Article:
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Native American tribes seek trade ties withTurkey

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Re: [OS] US/TURKEY/ECON - Native American tribes seek trade ties withTurkey




2010-11-11 15:53:43



Re: [OS] US/TURKEY/ECON - Native American tribes seek trade ties with Turkey

Also it is Veterans Day, so no government employees are around, phone calls will have to wait until tomorrow.

Matthew Powers wrote:

Still looking into this, but here is a list of the tribes that are going:

Tribes Represented on Native American Business Cooperation Trip:


o Navajo Nation


o Couer d'Alene Tribe


o Tunica-Biloxi Tribe


o Bay Mills Tribe of Chippewa


o Assiniboine & Sioux Tribes

o Crow Tribe

o Salish & Kootenai Tribes

New Mexico

o Navajo Nation

New York

o Seneca Nation


o Cherokee Nation

o Cheyenne & Arapaho Tribes

o Fort Sill Apache Tribe

o Osage Nation

o Quapaw Tribe

South Dakota

o Rosebud Sioux/Sicangu Oyate


o Tribes of Colville Reservation

o Yakama Nation


Stockbridge-Munsee Band of Mohican Indians

Peter Zeihan wrote:

well i cant imagine the US having a problem with someone sinking a lot of cash into reservations -- more power too them, hell, might even get some matching funds

im just floored that anyone would be interested -- these are some of the most useless pieces of land in North America

On 11/11/2010 8:47 AM, Matt Gertken wrote:

i would think that the US suggested this to Turkey as a means of opening the back door, and that Turkey isn't acting rogue and trying to sneak in , that obviously wouldn't fly ...

On 11/11/2010 8:44 AM, Peter Zeihan wrote:

ive got research calling the Department of native Am affairs to see what they can find

couple things to think of in the meantime

1) not a single reservation has a port, and off hand i cannot think of one that's on a rail line -- these places are pretty remote as a rule
2) reservations cannot have their own foreign policy -- that, along with their budget, needs to be approved by congress (ew)
3) you'd need to build the physcial plant from the ground up

On 11/11/2010 8:38 AM, Rodger Baker wrote:

But it sounded less like Native American goods to Turkey than Turkish factories built on Native American lands - note the talks of tax breaks, etc. It is a back door into US. On a side note, I have suggested numerous times for the Chinese to get involved in Native American affairs, as a counter to US Tibet policy. Think of the bumper stickers -> Leave Tibet to the Chinese, Free the Cherokee Nation...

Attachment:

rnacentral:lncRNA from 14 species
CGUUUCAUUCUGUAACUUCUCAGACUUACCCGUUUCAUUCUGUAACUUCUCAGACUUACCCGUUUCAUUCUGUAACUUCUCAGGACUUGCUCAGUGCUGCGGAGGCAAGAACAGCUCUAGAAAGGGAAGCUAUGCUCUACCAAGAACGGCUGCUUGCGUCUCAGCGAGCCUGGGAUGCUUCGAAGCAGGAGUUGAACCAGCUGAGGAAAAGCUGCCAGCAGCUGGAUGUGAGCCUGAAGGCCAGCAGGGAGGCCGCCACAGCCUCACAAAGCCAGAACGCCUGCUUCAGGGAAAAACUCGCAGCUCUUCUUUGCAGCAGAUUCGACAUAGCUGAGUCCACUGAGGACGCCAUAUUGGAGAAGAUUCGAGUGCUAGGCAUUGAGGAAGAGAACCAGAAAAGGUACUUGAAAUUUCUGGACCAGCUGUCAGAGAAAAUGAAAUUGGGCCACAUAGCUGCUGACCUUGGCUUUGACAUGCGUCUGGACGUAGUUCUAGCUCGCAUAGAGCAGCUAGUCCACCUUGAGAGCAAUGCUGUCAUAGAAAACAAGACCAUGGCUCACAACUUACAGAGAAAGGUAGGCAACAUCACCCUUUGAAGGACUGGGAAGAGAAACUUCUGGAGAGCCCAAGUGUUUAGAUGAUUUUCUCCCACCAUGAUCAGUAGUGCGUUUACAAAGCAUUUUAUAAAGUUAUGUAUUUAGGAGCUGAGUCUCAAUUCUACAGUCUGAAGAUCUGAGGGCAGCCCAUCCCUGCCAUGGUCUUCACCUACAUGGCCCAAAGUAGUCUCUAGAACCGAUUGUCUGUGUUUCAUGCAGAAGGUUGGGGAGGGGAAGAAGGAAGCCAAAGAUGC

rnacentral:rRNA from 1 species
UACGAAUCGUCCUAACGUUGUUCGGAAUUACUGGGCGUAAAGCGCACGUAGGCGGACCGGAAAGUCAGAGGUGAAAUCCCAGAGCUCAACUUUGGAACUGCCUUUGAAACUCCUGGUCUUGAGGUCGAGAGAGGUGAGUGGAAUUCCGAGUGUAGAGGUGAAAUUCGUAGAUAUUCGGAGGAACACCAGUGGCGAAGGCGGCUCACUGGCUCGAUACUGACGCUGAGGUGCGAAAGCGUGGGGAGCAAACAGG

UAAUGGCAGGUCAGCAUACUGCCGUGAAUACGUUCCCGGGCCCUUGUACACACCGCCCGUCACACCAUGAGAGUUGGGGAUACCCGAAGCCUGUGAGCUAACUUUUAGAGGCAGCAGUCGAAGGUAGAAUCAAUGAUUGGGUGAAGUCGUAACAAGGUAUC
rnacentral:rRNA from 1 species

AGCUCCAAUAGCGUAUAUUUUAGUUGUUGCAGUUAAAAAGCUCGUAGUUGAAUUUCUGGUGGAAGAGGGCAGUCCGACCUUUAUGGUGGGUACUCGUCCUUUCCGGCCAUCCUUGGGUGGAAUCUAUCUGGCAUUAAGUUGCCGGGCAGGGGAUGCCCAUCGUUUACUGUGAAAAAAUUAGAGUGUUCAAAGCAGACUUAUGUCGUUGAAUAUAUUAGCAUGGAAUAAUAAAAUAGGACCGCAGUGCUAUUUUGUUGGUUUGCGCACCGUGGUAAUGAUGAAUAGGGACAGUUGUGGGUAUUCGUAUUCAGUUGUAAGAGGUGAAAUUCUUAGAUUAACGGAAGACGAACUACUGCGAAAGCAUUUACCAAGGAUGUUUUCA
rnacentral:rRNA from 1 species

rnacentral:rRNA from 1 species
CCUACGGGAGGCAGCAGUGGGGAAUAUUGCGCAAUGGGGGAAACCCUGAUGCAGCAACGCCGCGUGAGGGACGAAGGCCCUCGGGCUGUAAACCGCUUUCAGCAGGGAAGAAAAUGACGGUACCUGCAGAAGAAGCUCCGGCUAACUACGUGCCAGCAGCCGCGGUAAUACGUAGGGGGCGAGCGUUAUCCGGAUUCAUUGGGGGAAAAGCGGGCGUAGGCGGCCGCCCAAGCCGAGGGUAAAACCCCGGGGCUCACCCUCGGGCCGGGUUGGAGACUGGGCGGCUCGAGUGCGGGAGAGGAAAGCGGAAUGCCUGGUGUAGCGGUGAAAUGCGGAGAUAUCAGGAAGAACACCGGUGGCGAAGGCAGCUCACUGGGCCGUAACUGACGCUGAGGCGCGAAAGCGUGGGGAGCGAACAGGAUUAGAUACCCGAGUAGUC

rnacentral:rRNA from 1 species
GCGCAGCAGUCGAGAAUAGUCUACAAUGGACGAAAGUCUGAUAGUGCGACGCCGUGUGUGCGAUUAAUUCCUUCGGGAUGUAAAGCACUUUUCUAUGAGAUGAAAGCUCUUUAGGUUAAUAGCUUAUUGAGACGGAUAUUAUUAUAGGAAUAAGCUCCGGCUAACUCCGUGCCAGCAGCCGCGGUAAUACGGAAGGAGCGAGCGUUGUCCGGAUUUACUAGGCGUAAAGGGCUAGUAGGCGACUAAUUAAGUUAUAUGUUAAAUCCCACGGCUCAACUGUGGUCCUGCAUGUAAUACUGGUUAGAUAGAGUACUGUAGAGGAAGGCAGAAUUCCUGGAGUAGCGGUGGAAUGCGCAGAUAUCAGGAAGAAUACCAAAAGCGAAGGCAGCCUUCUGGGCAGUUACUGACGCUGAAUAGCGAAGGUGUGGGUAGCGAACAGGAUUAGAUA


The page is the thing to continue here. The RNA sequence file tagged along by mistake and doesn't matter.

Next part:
On Nov 11, 2010, at 8:29 AM, Reva Bhalla wrote:

haha. this is completely bizarre. im guessing they could sell handicraft type things to sell in the bazaars and stuff.  or maybe this is a Turkish agenda to stage a Native American uprising in the US.... :) Turkish trade associations are extremely well organized and aggressive about finding new groups to trade with. THey're also quite innovative. Guess this is an example of that

On Nov 11, 2010, at 8:26 AM, Marko Papic wrote:

what would they trade? poker chips?


From: "Peter Zeihan" <>
Sent: Thursday, November 11, 2010 8:23:58 AM
Subject: Re: Fw: [OS] US/TURKEY/ECON - Native American
tribes seek trade ties withTurkey

this is the first i've ever heard of anything like this since the war of 1812

On 11/11/2010 6:39 AM, Rodger Baker wrote:

Do the native american tribes do much with other foreign nations?
Sent via BlackBerry from Cingular Wireless


From: Zac Colvin <>
Date: Thu, 11 Nov 2010 03:17:50 -0600 (CST)
To: OS List<>
ReplyTo: The OS List <>
Subject: [OS] US/TURKEY/ECON - Native American tribes seek trade ties with Turkey
Native American tribes seek trade ties with Turkey
The Associated Press
Thursday, November 11, 2010; 3:46 AM

ANKARA, Turkey -- Native American tribal leaders seeking trade ties with Turkish companies have offered them tax incentives to operate in their territories in the United States, the organizer of the trip said Thursday.

Lincoln McCurdy, president of the Turkish Coalition of America which organized the trip, said Thursday that the Native American tribes belong to sovereign nations that can strike their own trade deals and offer special tax incentives.

The delegation, representing 17 tribes from at least 10 U.S. states, has been welcomed by the Turkish government, which wants to bolster trade ties with the United States, which is Turkey's seventh largest trading partner.

Turkey has been seeking preferential trade treatment from Washington. Two-way trade stands at $11.8 billion.

Zafer Caglayan, the minister who oversees foreign trade, met the U.S. delegation in Istanbul earlier this week and discussed areas of possible cooperation in tourism and construction. Turkish constructors are active across the Middle East, Central Asia and Africa, building dams, stadiums and highways.

The delegation was scheduled to visit the Turkish Contractors Association in Ankara on Thursday.

"Ten years from now, I hope that we will be meeting as business partners, not just people pursuing business opportunities," Michael Finley, chairman of the Tribes of Colville Reservation in eastern Washington state, said after meeting the minister in Istanbul.

The delegation, including seven tribal leaders, chief executive officers of Native American companies as well as casino operators and Indian affairs experts, also visited some Turkish universities to discuss scholarships available to support Native Americans.

The Turkish Coalition of America offers its own scholarships to study in Turkey to up to 100 American minority students each year.

Zac Colvin
Marko Papic
C: + 1-512-905-3091

Matt Gertken
Asia Pacific analyst
office: 512.744.4085
cell: 512.547.0868

Matthew Powers
STRATFOR Researcher